RE: Suggested Tech Comm Curriculum

Subject: RE: Suggested Tech Comm Curriculum
From: "Giordano, Connie" <Connie -dot- Giordano -at- FMR -dot- COM>
To: "'Andrew Plato'" <intrepid_es -at- yahoo -dot- com>, TECHWR-L <techwr-l -at- lists -dot- raycomm -dot- com>
Date: Fri, 24 Mar 2000 08:04:02 -0500


Can I have a fancy GED certificate from you? I did everything in Parts 2
through 6 (and a whole lot of Logan and Briscoe--thank God for A&E) without
having a tech comm degree.

Connie Giordano
-Waiting anxiously to toss my mortarboard and get paid big bucks to sit
around and talk about how to write-

-----Original Message-----
From: Andrew Plato [mailto:intrepid_es -at- yahoo -dot- com]
Sent: Friday, March 24, 2000 2:55 AM
Subject: Suggested Tech Comm Curriculum

Okay, some loudmouth challenged me in private email to impart my
vision for a tech comm curriculum. Just to show up the dingle-berry, I offer
the following haphazardly thrown together Technical Communications

The Plato approved Technical Communications Curriculum(tm) has 6 parts,
described as follows...

--Part 1: Logan and Briscoe--

Named after my favorite Law & Order detectives, this set of classes teaches
would be tech commie how to dig up information. The focus is on basic
and information gathering techniques. There should be one class where a guy
yells "PAY ATTENTION AND LISTEN" at you for 6 hours so you never forget that
little chunk of wisdom.

Suggested classes:

Strategies for FORCING people to give you information.
Advanced CYA
How to Build a Concept Matrix
Basic Scientific Method (Brainstorm, Theorize, Test, Document, Collect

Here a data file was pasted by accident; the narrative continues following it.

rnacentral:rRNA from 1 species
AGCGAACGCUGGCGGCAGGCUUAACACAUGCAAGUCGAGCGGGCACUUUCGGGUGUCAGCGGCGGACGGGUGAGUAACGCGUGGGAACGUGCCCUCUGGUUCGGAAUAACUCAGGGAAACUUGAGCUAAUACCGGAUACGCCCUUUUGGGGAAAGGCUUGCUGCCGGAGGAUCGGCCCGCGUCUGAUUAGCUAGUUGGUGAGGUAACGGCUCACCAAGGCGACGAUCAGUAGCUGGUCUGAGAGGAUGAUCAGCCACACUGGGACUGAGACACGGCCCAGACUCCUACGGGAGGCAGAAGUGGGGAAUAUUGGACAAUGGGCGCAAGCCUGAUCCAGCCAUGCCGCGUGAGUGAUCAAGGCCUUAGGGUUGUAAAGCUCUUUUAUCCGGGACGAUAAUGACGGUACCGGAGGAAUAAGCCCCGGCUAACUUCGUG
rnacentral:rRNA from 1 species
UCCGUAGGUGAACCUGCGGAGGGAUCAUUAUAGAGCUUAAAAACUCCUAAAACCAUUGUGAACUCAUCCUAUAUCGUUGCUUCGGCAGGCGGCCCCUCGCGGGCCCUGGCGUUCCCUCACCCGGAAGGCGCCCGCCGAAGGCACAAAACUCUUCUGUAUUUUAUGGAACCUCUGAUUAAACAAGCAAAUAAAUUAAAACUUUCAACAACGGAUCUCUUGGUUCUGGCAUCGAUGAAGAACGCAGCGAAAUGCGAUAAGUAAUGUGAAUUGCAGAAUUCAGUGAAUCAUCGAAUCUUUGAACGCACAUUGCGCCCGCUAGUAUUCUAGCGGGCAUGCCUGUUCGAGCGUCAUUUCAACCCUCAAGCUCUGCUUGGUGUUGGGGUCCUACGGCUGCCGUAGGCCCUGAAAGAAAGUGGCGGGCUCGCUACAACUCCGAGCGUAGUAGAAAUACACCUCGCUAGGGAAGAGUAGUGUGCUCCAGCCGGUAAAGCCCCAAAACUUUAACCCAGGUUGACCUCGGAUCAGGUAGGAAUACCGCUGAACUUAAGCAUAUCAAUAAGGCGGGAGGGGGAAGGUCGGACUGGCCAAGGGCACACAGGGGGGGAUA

--Part 2: Rhetoric --

This section focuses on teaching basic rhetorical techniques and strategies
help writers describe complex ideas. A huge emphasis is placed on crafting
balanced arguments and descriptions.

Suggested classes:

Advanced composition (modes of persuasion, constructing an argument, etc.)
Rhetorical analysis
Logic (Everybody should be forced at gun point to take a logic class once.)

--Part 3: Science and Technology--

This section introduces basic scientific and technological concepts to help
would be tech commie understand complex designs and systems.

Suggested Classes

Basic Electronics
Basic Programming and Data Modeling
Flow charting and process development
Geometry and basic math

--Part 4: Graphic Design--

This section teaches the wannabe tech commie basic principles of graphic
design. Particularly, how to draw diagrams, descriptive charts, and stylized
flow charts or process diagrams.

Suggested classes:

Design basics
Layering and colors
Advanced flow charting
Web design
Photoshop, Paint Shop Pro

--Part 5: Get down to Business

In this phase, our hapless victim is exposed to basic business and economic
principles. This helps our potential tech commie comprehend the decisions
business world makes as well as how products are taken to market.

Basic Marketing
Basic Economics
Business management
Basic finance and accounting
Product development
Branding and franchising

--Part 6: Tech Writing Basics--

This is what most tech comm programs are today. This section focuses on
layout, organization, and usability. Special attention is directed toward
building documentation designs that are simple, effective, and unobtrusive.

Suggested classes
Layout basics
Using Hierarchies
Tools (Frame, Word, etc.)
Audience Analysis
Grammar and editing

After such a program, I would feel confident hiring this person. They would
have solid investigation skills, strategies for forming arguments, basic
science and technology skills, some drawing capabilities, and last but
certainly least - they could write.

Mostly, this person would have a well rounded set of professional and
skills in addition to being able to write.

Now, since this program has many different things, I imagine it would be
hard. Hence it would scare away a lot of people and the universities
be able to profit off people with more money than common sense.

So we have dumbed down tech comm programs that teach a little usability,
you how to install FrameMaker, and survey the latest fonts.


Your suggestions, comments, and additions to my curriculum are encouraged.

I'm really asking for it now.

Andrew Plato

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